It was precisely thanks to Ese Hombre Encantador that Julián realized that there were independent pin designers at the local level, and in 2016 he and a friend designed their first pin, without knowing that it would be the first of many: “when I sent the files for the pin for manufacturing, they didn’t give clear instructions on how it had to be done, so what I sent was more along the lines of screen printing. That first pin came out wrong, but at the same time it looked like a vintage pin. Luckily people liked it, and it ran out pretty quickly. Years later we released it as it should have originally come out.”
That first experiment would be followed by many others, forming a series of over 40 models since then. His love for the Godzilla film saga, anime, cartoons, music and video games are the compass that guides his designs. “All the models I put out, including collabs, are kind of ‘connected’ to each other because of my personal taste.” Currently, Ethereal Cloth has generated a cult following based on its original designs and the quality of its pins.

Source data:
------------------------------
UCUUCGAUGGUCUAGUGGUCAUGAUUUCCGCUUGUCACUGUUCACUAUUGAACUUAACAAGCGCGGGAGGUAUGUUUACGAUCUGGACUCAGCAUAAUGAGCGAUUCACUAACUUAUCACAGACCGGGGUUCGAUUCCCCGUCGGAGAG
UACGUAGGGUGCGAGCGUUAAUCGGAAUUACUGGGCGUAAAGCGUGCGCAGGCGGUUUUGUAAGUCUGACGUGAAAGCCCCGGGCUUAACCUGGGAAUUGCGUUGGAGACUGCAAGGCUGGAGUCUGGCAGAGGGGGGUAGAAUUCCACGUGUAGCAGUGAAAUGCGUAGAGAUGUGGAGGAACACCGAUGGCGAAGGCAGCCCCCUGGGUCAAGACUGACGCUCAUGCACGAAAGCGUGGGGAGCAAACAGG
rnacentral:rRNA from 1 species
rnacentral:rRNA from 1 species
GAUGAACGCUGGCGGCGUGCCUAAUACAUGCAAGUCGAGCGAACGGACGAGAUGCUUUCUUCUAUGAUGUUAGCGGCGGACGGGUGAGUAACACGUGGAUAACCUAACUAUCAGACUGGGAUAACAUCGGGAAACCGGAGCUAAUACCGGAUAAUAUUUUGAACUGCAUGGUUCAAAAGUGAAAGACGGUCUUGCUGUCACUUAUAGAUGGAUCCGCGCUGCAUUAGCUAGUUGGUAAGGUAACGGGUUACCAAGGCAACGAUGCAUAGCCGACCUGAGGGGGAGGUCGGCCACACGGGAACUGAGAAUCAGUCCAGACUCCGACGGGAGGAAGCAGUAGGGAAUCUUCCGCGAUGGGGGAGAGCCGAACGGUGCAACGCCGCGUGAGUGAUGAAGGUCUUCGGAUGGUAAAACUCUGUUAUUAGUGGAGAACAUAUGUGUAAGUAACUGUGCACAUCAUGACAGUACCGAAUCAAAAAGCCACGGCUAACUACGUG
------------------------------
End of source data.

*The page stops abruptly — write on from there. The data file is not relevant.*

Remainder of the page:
Julian’s evolution in the assembly process has been remarkable. “At first, I would send the final design of the pin and the factory would return the finished product, ready to sell. In those years there were a few models that I intervened, such as adding a layer of glitter. But these last few years I’ve been painting everything myself.”
The DIY spirit is a fundamental part of ETH, who builds packaging from home in addition to painting each model, making some limited presentations such as “the Godzilla vs. Mechagodzilla VHS boxed set,” or “the recent Endoskeletor model that I released, which came out in a music cassette box,” generating variants of different colors for the pins, etc. “Although it takes me three times as long and my back is already demanding a break.”